June 13th took us to the northern Texas Panhandle for supercells. By mid afternoon, storms for along the TX/OK panhandle border area near Boise City, OK. These storms moved slowly southeast and became supercells. Hail and high winds were the common theme with these storms, then southwest of Guymon, OK one became tornado warned. It didn’t produce but certainly tried as a funnel descended halfway to the ground. Never could confirm if it touched down or not. As the storm moved further southeast towards Stratford it did produce a small cone for a couple minutes. We were blocked by the police from getting close, so we had to drop south and east to get ahead of it. It was constantly tornado warned but had that outflow dominant look to it. We eventually stayed ahead of it to McLean, Texas and let it pass overhead. It produced giant hail 5 inches in diameter, and you’ll see in the pics just how huge it was! Fun day, but wow there were some fake tornado reports!
July 12th featured extreme instability and great shear, however a very strong capping inversion would be the main issue to overcome. An outflow boundary from previous nights storms lay east/west near Brady, Texas. Towers kept trying to initiate along the boundary late afternoon with no success. Finally a cluster of updrafts formed along the surface triple point and a supercell was born. This storm spun hard, and had a great hook on radar. Visually you could see the rotation and the storm became incredibly electrified! West of Brady it became tornado warned. It never had a serious tornado threat due to weak low level rotation, but nonetheless it was quite pretty. It slowly drifted east and eventually weakened as a second storm formed and also became supercellular. As the sun set, the colors cast from the supercell updraft were absolutely gorgeous! Enjoy the pics!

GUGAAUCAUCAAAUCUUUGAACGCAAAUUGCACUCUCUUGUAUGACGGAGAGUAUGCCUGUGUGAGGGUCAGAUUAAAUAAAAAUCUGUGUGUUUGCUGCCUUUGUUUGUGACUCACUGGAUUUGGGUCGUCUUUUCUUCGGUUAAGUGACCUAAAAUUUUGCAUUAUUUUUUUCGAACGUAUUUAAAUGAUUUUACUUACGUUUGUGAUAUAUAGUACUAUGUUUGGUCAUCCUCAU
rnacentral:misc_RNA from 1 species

May 11th had a lot going for it. Good upslope flow into the Raton Mesa, decent moisture and instability and great wind shear would set the stage for supercells this day. Storms formed early afternoon and became tornado warned. We blasted west from the Oklahoma panhandle into the mesa in time to watch a supercell get very interesting. Couldn’t confirm any tornadic activity, but it certainly looked like it had potential. This storm also produced baseball sized hail and high winds. It was a treat to photograph and watch spin across the mesa into the Oklahoma/Texas panhandle. Fun day for all the guests who witnessed this beauty! Enjoy the pics!
What a day! May 24th looked great in the models, and in real time, it was amazing!! Violent supercell thunderstorms congealed into one monster that dropped from Tucumcari, New Mexico southward to Clovis over a several hour period. Insane lightning and incredible storm structure persisted its entire life cycle. It also produced a few tornadoes, of which we caught a couple of them. During the early evening hours, as the storm approached Clovis, the inflow into this supercell was over 60 mph! Just showed the power of this HP storm! As it moved into far west Texas at dusk, the structure was constantly illuminated by incredible lightning. One of the most powerful supercells of 2023 to date, and it was a sight to behold! Enjoy the pics!